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Last Updated: Monday, 20 June, 2005, 21:37 GMT 22:37 UK
Dental chiefs face up to problems
Dentist and patient
Many dentists have chosen to work in the private sector
Leading dental officials have faced a public grilling over service standards during a meeting in Aberdeenshire.

About 100 people gathered in Inverurie on Monday night to air their concerns over the growing lack of NHS dental services within the region.

Chief dental officer for Scotland, Ray Watkins, admitted the government had not acted quickly enough to address the shortage of NHS dentists.

The meeting was arranged by Scottish National Party MSP Richard Lochhead.

Mr Lochhead had previously said he was concerned about the shortfall in dental service provision.

Aberdeenshire has one of the lowest levels of NHS dentists in Scotland with long queues of hundreds of people a common sight outside the regional surgeries.

We have to build the service from the bottom and that will be difficult over the next few years, but that is the way we have to go
Ray Watkins
Chief dental officer for Scotland

One dentist recently opened an NHS practice in Stonehaven and was besieged by 1,500 prospective patients.

Mr Watkins said there had been problems recruiting dentists as many had opted out of working within the health service to go into private practice.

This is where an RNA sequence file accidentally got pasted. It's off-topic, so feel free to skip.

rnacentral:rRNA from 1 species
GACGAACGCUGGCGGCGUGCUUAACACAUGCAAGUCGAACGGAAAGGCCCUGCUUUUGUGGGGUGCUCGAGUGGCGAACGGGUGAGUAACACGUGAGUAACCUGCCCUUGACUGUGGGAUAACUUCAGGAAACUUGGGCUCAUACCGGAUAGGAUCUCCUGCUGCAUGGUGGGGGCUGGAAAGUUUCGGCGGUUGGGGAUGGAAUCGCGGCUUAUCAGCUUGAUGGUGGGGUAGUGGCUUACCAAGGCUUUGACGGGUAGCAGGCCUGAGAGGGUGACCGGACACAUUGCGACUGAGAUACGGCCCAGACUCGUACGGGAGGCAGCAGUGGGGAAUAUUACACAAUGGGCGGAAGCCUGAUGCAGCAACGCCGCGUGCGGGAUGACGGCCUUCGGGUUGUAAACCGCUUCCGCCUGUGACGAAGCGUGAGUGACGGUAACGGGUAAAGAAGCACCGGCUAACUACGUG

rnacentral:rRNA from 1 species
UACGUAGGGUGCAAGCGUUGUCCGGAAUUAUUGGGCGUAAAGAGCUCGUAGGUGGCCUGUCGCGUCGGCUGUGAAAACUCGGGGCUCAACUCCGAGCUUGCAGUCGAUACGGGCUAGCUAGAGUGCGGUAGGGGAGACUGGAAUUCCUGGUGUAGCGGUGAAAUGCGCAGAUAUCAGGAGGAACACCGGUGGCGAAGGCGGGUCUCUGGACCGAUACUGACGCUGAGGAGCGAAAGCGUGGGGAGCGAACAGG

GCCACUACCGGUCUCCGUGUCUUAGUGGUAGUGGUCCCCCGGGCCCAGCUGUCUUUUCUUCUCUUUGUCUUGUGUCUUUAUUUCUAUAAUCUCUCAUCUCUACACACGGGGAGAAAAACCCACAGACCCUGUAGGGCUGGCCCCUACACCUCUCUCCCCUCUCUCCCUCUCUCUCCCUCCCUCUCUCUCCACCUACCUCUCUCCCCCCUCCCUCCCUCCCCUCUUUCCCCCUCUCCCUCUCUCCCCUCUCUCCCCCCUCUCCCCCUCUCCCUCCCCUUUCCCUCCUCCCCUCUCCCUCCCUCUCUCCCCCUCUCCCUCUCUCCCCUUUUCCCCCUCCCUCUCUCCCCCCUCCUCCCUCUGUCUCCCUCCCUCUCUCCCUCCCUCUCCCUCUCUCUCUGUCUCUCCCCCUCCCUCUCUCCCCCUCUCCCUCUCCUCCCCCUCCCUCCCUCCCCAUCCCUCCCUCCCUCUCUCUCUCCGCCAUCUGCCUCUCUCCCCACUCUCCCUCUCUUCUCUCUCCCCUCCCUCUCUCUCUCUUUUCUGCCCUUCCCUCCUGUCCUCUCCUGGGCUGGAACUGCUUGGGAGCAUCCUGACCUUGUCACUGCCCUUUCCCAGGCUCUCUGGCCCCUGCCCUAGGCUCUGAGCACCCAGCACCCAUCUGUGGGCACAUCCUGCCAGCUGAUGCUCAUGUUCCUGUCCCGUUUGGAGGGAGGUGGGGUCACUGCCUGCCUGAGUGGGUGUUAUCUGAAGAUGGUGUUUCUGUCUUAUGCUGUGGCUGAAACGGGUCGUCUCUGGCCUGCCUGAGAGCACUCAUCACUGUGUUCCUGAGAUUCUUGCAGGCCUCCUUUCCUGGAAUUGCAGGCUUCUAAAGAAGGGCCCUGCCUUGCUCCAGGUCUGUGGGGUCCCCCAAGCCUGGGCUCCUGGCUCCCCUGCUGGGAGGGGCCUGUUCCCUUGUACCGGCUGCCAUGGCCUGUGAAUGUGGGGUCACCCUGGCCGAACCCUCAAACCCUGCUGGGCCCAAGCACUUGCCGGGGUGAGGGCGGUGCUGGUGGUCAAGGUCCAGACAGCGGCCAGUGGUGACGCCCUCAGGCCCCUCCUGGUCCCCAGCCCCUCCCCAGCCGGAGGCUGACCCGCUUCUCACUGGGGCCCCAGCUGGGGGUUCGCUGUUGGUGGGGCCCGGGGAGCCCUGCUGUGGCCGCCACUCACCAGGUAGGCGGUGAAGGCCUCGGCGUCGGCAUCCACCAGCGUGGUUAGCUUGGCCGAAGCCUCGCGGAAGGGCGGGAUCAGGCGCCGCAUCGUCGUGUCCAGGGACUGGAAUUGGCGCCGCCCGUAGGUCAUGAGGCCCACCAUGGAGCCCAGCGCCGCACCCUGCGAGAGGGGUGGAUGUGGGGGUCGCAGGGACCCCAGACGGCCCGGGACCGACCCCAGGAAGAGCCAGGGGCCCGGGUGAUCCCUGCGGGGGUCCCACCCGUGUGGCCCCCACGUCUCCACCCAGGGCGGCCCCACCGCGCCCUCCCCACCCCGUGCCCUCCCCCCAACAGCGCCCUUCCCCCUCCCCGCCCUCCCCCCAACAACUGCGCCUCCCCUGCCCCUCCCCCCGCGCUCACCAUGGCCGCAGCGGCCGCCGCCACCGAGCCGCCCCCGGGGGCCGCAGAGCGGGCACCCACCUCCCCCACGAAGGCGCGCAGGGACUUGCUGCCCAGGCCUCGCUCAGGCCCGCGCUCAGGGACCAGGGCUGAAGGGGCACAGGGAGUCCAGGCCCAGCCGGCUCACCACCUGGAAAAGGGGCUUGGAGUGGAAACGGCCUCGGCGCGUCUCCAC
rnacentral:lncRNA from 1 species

However, he sought to reassure the public that the trend was being reversed as the government was now addressing the problem by investing more money in dentistry and increasing the number of dental students.

He said: "We need to build a new NHS service from our young people and that is the experience we have seen in many parts of Scotland already.

"We have to build the service from the bottom and that will be difficult over the next few years, but that is the way we have to go."

Part-time post

Chairman of the British Dental Association in Scotland, Andrew Lamb, added: "The way that dentistry is currently funded makes it very difficult for dentists to deliver 21st dentistry on the NHS."

Members of the public attending the meeting expressed concern over getting NHS dental treatment for their children and anger over "privatisation" within the system.

More than 1m was set aside last year to help ease the crisis in Scotland's dental services.

The Scottish Executive came under fire in January for making the job of chief dental officer a part-time post.

Opposition politicians said the move showed the executive's failure to take the problem seriously.

Recent figures suggested more than half of all adults in Scotland were not registered with an NHS dentist.

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